I am one of the luckiest people on the planet. I have an amazing family, two beautiful children, and I crave healthy food. The way some people long for a soda, I long for water. Late night pizza cravings? I’m desperate for a salad with grilled salmon. I wasn’t always this way, but through years of tweaking my diet and lifestyle, transitioning to gluten free, and getting hooked on feeling good, my cravings shifted to foods that make me feel better. What I learned recently is that sometimes, the only food that can make me feel better is toast.
I caught a bug, and although it didn’t hit me nearly as hard as it hit other members of my household, I was unable to stomach (or even think about) my usual food favorites for days. (Seriously, the thought of a salad made me want to punch someone.) But you know who was there for me when I was down? Toast. Rudi’s Gluten-Free Cinnamon Raisin toast, to be precise. During the worst days, I nibbled at it. As my hunger returned, I enjoyed it slathered with coconut oil. It saved me, and made it possible for me to continue producing milk for my nursling. The toast was magic. The toast saved the day.
But illness is not the only time that toast can be magical. It has also been the saving grace of many people’s transitions to the gluten- free diet. When my first daughter was born eight years ago, there wasn’t much on the market in the way of gluten-free transition foods. When we learned that gluten was enemy number one, we dropped it fast. I stumbled through the first few years, and we sure ate a lot of rice pasta. We simply didn’t eat toast, or sandwiches, or anything fun and delicious like that. When high quality gluten free breads began to enter the market, I mostly avoided them; I had learned to live without bread, and I didn’t see the point in making room for it again.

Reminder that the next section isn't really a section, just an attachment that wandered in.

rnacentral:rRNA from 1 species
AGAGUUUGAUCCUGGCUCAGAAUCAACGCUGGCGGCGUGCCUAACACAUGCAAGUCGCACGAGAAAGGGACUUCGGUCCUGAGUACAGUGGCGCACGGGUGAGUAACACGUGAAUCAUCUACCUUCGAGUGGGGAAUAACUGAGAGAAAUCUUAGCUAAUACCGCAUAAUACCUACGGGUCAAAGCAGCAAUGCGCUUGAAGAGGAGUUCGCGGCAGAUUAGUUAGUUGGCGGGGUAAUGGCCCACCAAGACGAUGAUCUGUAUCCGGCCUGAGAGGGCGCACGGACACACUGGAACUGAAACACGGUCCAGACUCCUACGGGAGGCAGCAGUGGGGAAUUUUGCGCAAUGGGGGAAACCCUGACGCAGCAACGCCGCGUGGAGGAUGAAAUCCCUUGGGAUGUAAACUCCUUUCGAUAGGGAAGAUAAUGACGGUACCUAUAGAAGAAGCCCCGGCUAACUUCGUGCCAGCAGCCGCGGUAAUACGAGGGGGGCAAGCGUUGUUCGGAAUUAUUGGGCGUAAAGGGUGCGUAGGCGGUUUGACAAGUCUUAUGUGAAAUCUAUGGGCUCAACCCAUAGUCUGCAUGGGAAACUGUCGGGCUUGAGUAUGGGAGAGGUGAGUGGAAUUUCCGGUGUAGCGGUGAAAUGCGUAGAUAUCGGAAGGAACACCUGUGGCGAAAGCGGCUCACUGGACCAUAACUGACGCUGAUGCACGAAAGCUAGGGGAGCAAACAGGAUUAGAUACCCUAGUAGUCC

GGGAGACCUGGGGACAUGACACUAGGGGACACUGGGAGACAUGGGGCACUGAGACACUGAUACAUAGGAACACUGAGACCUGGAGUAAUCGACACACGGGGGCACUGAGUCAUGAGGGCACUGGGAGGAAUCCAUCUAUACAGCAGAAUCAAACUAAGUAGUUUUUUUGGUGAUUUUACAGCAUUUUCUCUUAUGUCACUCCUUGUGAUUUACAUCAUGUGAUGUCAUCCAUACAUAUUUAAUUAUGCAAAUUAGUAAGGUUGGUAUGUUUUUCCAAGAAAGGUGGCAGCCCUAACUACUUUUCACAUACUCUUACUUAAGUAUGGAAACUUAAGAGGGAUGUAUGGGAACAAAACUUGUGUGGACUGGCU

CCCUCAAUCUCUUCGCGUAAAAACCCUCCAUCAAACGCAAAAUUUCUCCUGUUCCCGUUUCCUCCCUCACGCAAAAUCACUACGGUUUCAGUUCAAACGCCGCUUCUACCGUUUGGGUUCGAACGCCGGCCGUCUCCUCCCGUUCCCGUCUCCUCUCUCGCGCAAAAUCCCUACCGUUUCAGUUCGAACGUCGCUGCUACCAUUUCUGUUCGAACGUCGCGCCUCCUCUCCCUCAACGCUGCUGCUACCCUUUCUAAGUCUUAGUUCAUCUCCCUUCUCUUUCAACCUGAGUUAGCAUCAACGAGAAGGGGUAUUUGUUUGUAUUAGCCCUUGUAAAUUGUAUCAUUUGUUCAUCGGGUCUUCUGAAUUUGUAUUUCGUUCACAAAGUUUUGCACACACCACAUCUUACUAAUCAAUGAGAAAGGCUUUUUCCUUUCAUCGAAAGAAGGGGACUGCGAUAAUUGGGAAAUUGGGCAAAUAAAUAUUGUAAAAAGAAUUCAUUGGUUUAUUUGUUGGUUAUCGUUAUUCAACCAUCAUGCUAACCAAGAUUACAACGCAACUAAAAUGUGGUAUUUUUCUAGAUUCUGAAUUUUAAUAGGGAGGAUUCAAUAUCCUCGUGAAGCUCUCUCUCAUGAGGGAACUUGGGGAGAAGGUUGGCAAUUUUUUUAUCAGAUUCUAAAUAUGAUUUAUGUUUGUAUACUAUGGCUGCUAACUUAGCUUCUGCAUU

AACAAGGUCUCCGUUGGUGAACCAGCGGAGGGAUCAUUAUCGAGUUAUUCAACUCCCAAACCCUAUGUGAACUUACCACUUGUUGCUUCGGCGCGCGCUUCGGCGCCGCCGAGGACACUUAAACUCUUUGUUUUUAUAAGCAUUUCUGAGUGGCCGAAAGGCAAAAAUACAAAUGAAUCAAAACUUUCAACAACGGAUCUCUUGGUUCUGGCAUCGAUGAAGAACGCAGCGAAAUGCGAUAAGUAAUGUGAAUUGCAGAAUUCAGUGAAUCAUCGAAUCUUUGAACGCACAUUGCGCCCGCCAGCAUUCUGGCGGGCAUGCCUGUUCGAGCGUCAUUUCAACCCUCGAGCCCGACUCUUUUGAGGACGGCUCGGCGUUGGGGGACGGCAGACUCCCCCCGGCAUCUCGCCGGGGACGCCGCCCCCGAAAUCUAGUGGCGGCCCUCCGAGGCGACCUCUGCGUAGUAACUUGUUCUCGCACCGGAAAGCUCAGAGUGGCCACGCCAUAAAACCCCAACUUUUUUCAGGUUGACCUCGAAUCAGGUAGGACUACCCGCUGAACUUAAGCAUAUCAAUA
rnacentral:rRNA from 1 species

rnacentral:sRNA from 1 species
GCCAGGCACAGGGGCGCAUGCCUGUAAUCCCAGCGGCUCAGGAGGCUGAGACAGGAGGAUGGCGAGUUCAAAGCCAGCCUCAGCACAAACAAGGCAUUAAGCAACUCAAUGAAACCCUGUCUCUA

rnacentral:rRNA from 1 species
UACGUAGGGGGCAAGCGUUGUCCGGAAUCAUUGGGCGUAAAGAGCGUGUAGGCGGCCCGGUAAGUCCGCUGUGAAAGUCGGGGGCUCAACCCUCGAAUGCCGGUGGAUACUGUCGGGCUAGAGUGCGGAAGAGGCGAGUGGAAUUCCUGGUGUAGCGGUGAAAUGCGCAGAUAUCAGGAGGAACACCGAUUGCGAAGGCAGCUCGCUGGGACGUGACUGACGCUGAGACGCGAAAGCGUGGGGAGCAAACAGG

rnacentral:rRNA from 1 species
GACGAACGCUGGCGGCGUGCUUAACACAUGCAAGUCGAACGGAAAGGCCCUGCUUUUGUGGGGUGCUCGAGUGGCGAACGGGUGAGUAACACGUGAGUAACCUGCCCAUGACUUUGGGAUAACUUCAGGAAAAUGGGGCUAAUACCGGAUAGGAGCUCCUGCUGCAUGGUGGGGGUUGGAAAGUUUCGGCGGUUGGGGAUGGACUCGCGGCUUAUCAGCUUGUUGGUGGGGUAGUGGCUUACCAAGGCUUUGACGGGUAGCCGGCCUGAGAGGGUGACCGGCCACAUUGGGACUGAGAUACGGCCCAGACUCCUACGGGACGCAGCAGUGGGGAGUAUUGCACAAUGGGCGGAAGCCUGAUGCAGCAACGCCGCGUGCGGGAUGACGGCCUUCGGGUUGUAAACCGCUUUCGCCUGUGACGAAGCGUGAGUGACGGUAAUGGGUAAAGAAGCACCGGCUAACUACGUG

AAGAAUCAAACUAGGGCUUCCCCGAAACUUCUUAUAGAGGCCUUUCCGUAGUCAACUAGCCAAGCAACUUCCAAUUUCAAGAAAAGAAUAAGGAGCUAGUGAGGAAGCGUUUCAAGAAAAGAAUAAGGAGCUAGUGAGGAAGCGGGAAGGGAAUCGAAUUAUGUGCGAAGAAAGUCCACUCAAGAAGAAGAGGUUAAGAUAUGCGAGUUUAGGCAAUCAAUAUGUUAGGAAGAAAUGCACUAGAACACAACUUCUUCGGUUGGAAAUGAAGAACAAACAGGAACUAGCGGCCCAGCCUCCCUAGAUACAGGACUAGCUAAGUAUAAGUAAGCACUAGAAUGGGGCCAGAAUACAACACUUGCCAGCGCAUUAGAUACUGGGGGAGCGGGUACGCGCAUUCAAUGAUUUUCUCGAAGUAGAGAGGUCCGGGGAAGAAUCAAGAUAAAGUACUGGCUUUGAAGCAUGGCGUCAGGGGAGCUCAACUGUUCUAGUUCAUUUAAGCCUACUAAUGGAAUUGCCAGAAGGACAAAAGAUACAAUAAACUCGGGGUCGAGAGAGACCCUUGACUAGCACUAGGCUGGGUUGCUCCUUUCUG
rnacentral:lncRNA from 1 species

That is, until my second daughter was born. Edith (my baby) isn’t really a picky eater, but boy does she love toast! It was an easy first snack food for her because it was delicious, gluten-free, and fairly dissolvable. Her method of consumption was to shove half a piece of toast into her mouth and just sort of suck on it until it disappeared. Obviously the kid is a genius and knows that starch digestion happen primarily in the mouth (thanks amylase!) but whatever her reasoning, she was happy. I was happy because I didn’t have to buy special “baby crackers,”and the rest of the family was happy to have tasty, gluten-free bread in the house too.
We will all go through numerous important transitions in our live. Whether it’s giving up gluten, learning how to eat solid food for the first time, or regaining digestive strength after an illness, having delicious transition foods is a powerful thing. Toast is that tool for me; it helps our family smooth out the bumps in our hectic, toddler trampled, gluten-free life. My transition to the gluten-free diet was intense, and it took me years to really get comfortable with it. Now, when a friend tells me they just got handed a celiac diagnosis, I tell them that they are one of the luckiest people on the planet. Their body is about to go on a journey towards learning how to eat to make itself feel better. Also, they have toast.